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Daily Time with God
God desires an intimate, personal relationship with His children and calls us to know, love, and serve Him and His Son, our Lord Jesus Christ. As we do so, we will experience joy and delight. God tells us that our relationship with Him will grow and flourish as we intentionally seek after and pursue Him, and He has given us specific means by which to do so. This means we can grow much closer to God as we deepen our desire and longing for Him.
In God’s design, the primary way for us to pursue Him is by active engagement in a congregation of His people. This means following the example of believers in the early church, who “devoted themselves to the apostles’ teaching and the fellowship, to the breaking of bread and the prayers” (Acts 2:421). There is no substitute for regularly gathering to worship God and sing His praises, listening attentively to the preaching of His word, praying, and celebrating communion.
Three of these corporate practices also have a private, personal dimension that we experience by setting aside time each day to quietly read and reflect on God’s Word, lift our prayers to Him, and give thanks and praise to Him for who He is and for His goodness to us. Often referred to as Quiet Time or Daily Devotions, this practice has a long history among God’s people and can be seen in the Psalms (5:3; 119:147), many of which were written around 1000 B.C. It has been a common practice of those who have been close to God over the centuries and who have known Him most intimately.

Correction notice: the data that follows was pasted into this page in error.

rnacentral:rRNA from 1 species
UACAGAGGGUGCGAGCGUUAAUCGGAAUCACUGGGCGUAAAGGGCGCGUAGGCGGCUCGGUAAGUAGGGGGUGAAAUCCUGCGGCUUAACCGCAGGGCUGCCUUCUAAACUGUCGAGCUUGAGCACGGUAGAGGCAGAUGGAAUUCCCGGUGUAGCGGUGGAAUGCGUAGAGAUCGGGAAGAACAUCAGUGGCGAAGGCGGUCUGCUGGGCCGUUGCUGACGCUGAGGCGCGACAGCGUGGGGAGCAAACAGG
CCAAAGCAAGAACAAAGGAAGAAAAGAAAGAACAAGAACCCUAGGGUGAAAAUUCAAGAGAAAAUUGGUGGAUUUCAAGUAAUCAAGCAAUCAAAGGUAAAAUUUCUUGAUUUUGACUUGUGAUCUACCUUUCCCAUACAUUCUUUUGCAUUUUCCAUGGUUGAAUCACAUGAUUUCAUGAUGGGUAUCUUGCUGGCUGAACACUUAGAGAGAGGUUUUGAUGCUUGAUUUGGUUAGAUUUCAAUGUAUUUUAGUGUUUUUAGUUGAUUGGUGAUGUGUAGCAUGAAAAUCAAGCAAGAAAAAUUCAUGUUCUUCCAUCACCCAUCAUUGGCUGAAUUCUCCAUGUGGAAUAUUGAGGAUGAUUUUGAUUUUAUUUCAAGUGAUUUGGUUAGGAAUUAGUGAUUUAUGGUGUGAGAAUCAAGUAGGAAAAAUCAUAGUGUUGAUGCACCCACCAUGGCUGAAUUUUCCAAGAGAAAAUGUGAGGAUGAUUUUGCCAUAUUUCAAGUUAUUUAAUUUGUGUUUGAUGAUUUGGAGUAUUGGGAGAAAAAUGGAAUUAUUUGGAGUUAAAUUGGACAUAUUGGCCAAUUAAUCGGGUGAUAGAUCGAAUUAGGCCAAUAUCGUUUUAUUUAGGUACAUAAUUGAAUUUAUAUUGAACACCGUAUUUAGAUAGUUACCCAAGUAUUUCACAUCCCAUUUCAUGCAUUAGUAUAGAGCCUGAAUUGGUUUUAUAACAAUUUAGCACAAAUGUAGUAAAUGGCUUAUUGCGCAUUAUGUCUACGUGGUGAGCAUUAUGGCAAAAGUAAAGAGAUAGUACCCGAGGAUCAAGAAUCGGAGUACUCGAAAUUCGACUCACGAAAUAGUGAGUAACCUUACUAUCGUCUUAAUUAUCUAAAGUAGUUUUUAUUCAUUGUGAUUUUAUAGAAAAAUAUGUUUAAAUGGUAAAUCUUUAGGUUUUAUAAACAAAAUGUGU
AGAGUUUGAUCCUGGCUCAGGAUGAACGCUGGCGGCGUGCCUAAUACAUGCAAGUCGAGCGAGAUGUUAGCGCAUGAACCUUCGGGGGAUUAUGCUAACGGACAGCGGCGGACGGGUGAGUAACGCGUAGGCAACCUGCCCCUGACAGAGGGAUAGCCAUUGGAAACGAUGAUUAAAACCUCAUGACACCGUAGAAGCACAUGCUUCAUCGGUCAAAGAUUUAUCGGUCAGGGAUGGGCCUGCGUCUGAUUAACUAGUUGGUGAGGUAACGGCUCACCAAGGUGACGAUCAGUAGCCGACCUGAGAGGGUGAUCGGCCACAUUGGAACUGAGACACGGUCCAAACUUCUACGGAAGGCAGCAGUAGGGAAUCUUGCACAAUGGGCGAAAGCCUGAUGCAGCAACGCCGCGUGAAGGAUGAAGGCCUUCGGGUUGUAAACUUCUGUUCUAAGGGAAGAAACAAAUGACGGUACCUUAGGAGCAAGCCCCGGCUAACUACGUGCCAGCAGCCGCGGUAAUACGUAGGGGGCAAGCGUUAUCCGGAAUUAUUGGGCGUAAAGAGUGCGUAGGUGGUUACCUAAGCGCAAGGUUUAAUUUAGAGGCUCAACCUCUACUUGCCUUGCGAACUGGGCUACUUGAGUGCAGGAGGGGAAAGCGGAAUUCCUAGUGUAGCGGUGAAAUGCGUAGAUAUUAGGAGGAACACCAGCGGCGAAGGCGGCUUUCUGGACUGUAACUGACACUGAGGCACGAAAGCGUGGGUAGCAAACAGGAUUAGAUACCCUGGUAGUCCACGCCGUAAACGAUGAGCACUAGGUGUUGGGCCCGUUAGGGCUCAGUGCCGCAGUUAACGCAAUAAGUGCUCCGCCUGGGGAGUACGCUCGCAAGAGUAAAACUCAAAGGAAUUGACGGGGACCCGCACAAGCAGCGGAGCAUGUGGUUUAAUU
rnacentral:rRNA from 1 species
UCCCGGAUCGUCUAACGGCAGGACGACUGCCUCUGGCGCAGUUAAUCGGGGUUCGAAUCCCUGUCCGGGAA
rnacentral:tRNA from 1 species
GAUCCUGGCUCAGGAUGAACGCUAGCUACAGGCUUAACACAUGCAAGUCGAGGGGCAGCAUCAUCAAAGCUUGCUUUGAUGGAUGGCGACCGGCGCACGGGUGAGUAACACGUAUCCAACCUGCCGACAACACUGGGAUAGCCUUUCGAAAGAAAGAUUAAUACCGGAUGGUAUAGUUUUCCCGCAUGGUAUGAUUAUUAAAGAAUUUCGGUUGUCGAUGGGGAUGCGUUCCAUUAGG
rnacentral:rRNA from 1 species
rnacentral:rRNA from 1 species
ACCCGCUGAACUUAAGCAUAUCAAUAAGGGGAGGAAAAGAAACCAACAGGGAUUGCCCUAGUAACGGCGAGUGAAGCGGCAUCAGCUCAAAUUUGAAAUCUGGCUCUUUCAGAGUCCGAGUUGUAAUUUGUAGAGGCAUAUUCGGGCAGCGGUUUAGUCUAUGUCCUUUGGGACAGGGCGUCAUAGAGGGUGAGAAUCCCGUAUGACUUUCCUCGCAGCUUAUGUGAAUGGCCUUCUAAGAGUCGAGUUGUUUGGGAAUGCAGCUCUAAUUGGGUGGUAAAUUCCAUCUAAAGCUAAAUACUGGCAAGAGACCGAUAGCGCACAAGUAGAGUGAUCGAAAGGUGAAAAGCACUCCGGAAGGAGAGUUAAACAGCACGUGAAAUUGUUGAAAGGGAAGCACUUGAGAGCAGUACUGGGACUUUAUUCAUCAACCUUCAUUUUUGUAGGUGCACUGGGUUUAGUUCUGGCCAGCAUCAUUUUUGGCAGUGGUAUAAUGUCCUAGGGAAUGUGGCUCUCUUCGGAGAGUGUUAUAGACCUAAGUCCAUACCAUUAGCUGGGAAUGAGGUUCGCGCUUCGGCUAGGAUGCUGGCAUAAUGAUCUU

Practical Tips for a Daily Quiet Time
Below are some helpful suggestions that will aid you in developing your own daily time with God and growing to know Him better and love Him more.
1. Set a specific time and place to meet with God each day. Most people choose a morning slot, because they are then alert and can start the day with God before the busyness begins. If that works for you, well and good. But the morning doesn’t work for everyone. God made both larks and owls, so learn your circadian rhythm and cooperate with it. Choose the time that works best for you. Then choose a place that is familiar, quiet, comfortable, free of distractions, and available regularly.
2. Make your daily time with God a top priority. This is one way of putting God first in your life. He is a loving Father and wants to spend time with you and help you. Is there anything more important in your life than meeting with God? This will require commitment, discipline, and planning. An important aspect of this is to ensure that you get adequate sleep so you can be alert when you meet with the Lord. Research has shown that most people need an average of about eight hours of sleep a night; trying to operate on significantly less has negative physical and mental impacts and is not sustainable.
3. For how long should we aim to pray and read His Word? Although there are no biblical directions about this, a reasonable place to start might be thirty minutes a day, half spent reading Scripture and half in actual prayer. Once that becomes an established pattern, increasing to one hour a day would be a good goal. This should grow out of an increasing desire for God.